We’ve reached the middle of the year, and business owners know what that means — It’s time to identify some of the trends from the first half of the year to make the most of the next 6 months. Thanks to COVID-19, a lot has changed about the way we do business — and how employees view employment. In the era of the Great Resignation, a number of new trends have popped up that you, as an employer, should take note of. Here are 5 key trends to consider for your employer branding in 2023.
“In a tight job market, with no end in sight, employers will need to brand themselves as a great place to work, too. Brand recognition has risen to a top priority for companies in 2021. In 2022, businesses will need to effectively communicate benefits, perks, and most importantly, culture to attract talent and stay viable.” — Forbes
Diversity, equity, and inclusion, otherwise known as DEI, is often front of mind in the month of June. However, employees — especially Gen Z employees (aka your new roster of talent) — have their eye on whether your startup really believes and incorporates those three elements year-round.
A DEI strategy isn’t necessarily a quick fix, but if you want ways to make an impact today, we have some ideas for you.
2. Employee Experience
Your employees want to know your business is aligned with their values. That’s why they’re applying to work for you, and that’s what will set you apart from other businesses — especially ones with a bigger budget than a startup. However, the employee experience goes beyond the bean bag chairs, pizza days, and ping pong tables.
It’s also the hiring and onboarding experience, education and development opportunities, flexibility (which we will get to), and feeling like they’re an integral part of the company. It also means a new focus on employee mental health and wellness. After two years of uncertainty and health scares, it’s definitely top of mind. A McKinsey study found that nearly 50% of employees feel somewhat burnt out.
If you do the job well (and follow some of these steps), your employees won’t only become ambassadors for your company while they’re working for it, they’ll be ambassadors for life.
3. Moving Into Trust
Before COVID-19, a big part of being a great employee meant being present. With the huge shift to remote positions, many companies are discovering that being present at the office might not be as important as they thought — and so are numerous employees and candidates. One of the largest employment trends of 2023 is adding work-from-home options to the roster.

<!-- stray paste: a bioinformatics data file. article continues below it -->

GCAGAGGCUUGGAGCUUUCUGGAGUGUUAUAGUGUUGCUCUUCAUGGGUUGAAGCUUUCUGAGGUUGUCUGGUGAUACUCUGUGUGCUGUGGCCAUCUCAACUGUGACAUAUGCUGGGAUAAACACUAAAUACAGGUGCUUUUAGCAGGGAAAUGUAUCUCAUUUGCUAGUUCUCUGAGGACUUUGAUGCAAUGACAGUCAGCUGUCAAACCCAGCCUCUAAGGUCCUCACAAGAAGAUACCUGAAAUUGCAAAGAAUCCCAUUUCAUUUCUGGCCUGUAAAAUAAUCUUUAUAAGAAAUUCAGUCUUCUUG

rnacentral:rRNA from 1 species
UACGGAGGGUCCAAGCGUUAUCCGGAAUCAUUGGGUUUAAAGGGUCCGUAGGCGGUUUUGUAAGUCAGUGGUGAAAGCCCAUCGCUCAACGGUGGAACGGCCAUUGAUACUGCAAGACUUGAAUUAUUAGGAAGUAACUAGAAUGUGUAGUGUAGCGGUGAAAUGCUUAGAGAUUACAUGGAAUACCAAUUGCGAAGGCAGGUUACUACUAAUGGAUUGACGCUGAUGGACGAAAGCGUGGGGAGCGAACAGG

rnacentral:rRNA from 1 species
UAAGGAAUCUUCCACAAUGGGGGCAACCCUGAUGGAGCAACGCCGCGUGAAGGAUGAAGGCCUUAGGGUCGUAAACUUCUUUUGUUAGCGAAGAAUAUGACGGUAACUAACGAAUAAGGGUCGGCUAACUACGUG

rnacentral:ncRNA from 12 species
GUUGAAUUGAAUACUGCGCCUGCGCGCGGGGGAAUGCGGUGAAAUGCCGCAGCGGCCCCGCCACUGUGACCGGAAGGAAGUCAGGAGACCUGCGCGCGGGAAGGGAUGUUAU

That means building your company culture on a pillar of trust to get the job done. In the words of Acatech, businesses and startups need to move “from a presence of culture to a culture of trust” in 2023. Employees want to know you believe in them to do the work they need to without watching over their shoulders. This can look like offering more flexibility in how and where your employees do their work or offering more pay transparency in your hiring process and around the office. However, even if you don’t have an office or storefront, your company culture is still important. If you’re worried about maintaining and engaging your employees with your startup, remember to keep your company culture alive, even in a virtual world.
4. Work-Life Balance
Right in line with the flexibility of remote working is work-life balance, something more employees are putting a premium on. It shows in the stats, too: Job ads that include the mention of remote work see nearly 300% more applications than other listings. While it isn’t always possible to offer complete remote work or schedule flexibility, being able to offer something like building a healthier workplace culture will go a long way in the second half of 2023.
A quick way to incorporate work-life balance into your culture is to schedule mental health breaks into your employees’ calendars, offer more paid sick days, flexible holidays so different religions can celebrate the days that matter to them, and maybe a prayer or meditation room to make sure everyone is feeling at home — even at work.
5. Personalized Experiences
Can you think of a job where you felt like you were replaceable? Just a cog in the ever-moving, ever-growing machine that is the company? If so, how would you rate your satisfaction? Probably not very high. No one wants to feel like they’re replaceable or under appreciated. Employees want to feel appreciated! That’s why one of the largest employer branding trends is to create personalized experiences. Your employees want to be seen, heard, and make an impact — chances are, they love what your startup does and want to feel like they’re truly a part of it. Otherwise, they’d work for someone else. You can create personalized experiences for your employees by fostering a relationship with each person, giving constructive feedback and building a career path and growth trajectory with them. According to Spoon Agency, tailoring your team’s development should also be closely linked to their ambitions.
Of course, there are numerous tips and tricks to managing your employer brand in the first place. If you struggle with where to start, don’t forget to check out our blog. We offer tons of tips (like these ones!) for how to build, grow, and integrate an employer brand into your startup’s business plan as you get off the ground. If you feel like you still aren’t getting the job done to its ultimate capacity… Well, it’s kind of what we’re good at. Get in touch any time! We’ll get you sorted and on your way ASAP.